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Cooper, P.C. (2005). The Good Life: Psychoanalytic Reflections on Love, Ethics, Creativity and Spirituality. By Jeffrey B. Rubin. Albany, NY: SUNY Press, 2004. 129 pp.. Psychoanal. Rev., 92(4):649-650.

(2005). Psychoanalytic Review, 92(4):649-650


The Good Life: Psychoanalytic Reflections on Love, Ethics, Creativity and Spirituality. By Jeffrey B. Rubin. Albany, NY: SUNY Press, 2004. 129 pp.

Review by:
Paul C. Cooper, M.S., NCPSYAS

To my mind, this is an excellent book, written in a style that is immediately accessible both to the lay reader and to the clinician. The writing is personal and informal, yet Rubin does not compromise his typically high level of scholarship drawn from a broad range of sources that includes psychoanalysis, literature, poetry, philosophy and the world's religious and mystical tradition. The impact of the text conveys the passion for life that Rubin addresses. He gives voice to many of the feelings and concerns of an emerging generation of psychoanalysts who increasingly are not so concerned as our forefathers were with a need to legitimize psychoanalysis by remaining wedded to the sciences. They are willing to explore the spiritual, creative, artistic, non-linear aspects of the free-associative discourse and inquiry that defines psychoanalysis as a subjective and an intersubjective endeavor.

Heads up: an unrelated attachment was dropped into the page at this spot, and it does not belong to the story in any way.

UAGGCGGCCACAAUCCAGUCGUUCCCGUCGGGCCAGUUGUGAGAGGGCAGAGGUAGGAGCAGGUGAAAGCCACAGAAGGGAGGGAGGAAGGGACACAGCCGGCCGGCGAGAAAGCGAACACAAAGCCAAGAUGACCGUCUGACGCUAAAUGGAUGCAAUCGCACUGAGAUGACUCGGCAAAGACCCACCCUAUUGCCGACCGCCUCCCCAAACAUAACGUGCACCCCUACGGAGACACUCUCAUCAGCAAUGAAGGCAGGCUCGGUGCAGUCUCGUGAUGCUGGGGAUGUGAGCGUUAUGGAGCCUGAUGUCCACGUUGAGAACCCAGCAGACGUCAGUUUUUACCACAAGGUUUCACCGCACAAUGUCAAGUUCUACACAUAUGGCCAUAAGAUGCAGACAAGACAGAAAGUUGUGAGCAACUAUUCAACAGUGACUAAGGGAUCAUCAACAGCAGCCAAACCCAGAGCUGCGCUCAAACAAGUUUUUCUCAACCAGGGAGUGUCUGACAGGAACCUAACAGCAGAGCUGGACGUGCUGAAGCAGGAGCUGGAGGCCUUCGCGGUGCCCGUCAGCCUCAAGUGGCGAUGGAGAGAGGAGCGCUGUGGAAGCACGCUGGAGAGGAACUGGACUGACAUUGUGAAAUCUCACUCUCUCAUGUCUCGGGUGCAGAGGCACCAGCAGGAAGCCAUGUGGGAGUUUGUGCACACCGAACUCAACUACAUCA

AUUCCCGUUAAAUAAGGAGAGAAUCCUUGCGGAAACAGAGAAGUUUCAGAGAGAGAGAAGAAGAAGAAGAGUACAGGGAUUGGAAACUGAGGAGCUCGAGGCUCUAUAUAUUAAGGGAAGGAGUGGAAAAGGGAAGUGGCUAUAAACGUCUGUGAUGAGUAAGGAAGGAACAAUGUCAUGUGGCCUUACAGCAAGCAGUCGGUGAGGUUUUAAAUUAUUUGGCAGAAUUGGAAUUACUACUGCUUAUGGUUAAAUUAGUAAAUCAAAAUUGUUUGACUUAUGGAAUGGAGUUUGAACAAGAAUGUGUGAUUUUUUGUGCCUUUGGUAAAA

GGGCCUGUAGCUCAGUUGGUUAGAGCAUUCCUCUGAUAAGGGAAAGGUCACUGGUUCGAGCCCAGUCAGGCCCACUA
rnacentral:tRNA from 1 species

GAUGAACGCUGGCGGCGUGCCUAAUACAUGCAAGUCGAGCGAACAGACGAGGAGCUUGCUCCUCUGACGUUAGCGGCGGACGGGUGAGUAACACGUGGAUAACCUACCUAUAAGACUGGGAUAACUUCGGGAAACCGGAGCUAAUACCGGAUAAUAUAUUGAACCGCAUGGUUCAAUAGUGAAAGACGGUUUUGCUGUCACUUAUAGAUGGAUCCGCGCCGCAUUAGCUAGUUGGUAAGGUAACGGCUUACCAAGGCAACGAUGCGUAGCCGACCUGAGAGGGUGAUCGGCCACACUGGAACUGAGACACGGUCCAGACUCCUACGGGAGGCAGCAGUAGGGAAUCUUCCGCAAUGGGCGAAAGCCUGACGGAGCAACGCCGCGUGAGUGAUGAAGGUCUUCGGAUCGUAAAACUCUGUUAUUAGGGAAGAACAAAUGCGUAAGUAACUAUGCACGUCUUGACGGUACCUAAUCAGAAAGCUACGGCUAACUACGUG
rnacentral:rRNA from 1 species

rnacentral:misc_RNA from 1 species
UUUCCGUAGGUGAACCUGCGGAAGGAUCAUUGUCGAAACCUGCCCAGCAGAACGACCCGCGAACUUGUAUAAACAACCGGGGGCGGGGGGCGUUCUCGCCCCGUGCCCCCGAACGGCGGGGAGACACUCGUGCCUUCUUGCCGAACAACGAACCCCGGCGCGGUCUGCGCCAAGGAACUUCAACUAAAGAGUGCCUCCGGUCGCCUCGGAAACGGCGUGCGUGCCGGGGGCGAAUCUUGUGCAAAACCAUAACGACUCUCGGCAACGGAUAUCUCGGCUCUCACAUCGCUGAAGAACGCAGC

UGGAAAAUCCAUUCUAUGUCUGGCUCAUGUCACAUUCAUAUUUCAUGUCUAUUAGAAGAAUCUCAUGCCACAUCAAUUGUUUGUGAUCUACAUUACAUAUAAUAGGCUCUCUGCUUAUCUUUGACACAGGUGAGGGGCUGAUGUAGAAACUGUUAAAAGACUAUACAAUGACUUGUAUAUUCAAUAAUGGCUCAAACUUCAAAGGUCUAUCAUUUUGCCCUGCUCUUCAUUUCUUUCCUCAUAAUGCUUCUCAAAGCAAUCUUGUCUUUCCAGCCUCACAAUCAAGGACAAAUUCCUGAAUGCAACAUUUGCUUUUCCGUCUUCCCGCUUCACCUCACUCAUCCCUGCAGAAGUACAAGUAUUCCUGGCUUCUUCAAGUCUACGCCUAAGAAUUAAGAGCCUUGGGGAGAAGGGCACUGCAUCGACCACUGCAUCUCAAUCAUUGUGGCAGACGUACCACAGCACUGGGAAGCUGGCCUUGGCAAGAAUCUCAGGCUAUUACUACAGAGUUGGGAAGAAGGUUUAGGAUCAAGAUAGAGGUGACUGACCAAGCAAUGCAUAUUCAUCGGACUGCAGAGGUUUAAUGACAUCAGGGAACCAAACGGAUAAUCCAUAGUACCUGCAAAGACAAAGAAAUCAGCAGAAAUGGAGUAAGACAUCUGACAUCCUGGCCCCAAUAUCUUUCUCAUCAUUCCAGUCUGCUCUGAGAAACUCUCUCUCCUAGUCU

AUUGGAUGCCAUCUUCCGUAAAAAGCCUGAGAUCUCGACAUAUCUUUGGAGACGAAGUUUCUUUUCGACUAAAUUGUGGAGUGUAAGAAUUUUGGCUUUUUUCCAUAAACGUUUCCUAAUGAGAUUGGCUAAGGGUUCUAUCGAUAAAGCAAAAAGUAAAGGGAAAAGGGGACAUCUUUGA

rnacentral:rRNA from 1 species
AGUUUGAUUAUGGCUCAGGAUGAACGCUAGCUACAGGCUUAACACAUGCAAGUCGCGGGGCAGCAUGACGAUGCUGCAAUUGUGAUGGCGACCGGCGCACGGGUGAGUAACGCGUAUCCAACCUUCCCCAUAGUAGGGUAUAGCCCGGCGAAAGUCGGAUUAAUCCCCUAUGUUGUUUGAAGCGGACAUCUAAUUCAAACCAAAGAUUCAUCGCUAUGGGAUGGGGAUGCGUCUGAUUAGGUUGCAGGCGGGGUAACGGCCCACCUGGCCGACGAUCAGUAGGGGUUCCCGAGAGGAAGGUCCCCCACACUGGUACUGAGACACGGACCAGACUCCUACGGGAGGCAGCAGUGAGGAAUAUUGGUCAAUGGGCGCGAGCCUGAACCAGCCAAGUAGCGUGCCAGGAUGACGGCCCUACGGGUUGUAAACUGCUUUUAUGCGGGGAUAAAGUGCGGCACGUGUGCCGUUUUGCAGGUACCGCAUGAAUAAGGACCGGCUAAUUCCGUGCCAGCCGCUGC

Rubin argues that the healing, enriching and sustaining potential inherent in psychoanalysis has been largely ignored and/or dismissed by society at large and within the field itself: he states that “articulating these contributions is crucial to the renewal of psychoanalysis in the twenty-first century” (p. ix). This argument is expressed cogently and convincingly through a sharp sense of questioning and negation in an insightful deconstruction of many of the myths that he believes have encumbered contemporary psychoanalysis and that have interfered with its continued growth, usefulness and relevance for contemporary life. However, Rubin maintains a balance by offering the reader a creative, thoughtful, life-affirming reconstruction if one is willing to honestly confront old assumptions. He asserts: “… psychoanalysis makes affirmation no less than negation crucial” (p. 96). The offered reflections reveal a non-dualist approach, which extends a method of thinking about subject matter that has permeated Rubin's writing since the publication of Psychotherapy and Buddhism: Toward an Integration (1996). For example, he observes, “one can question and affirm, even as one deconstructs and undermines” (p. 96).

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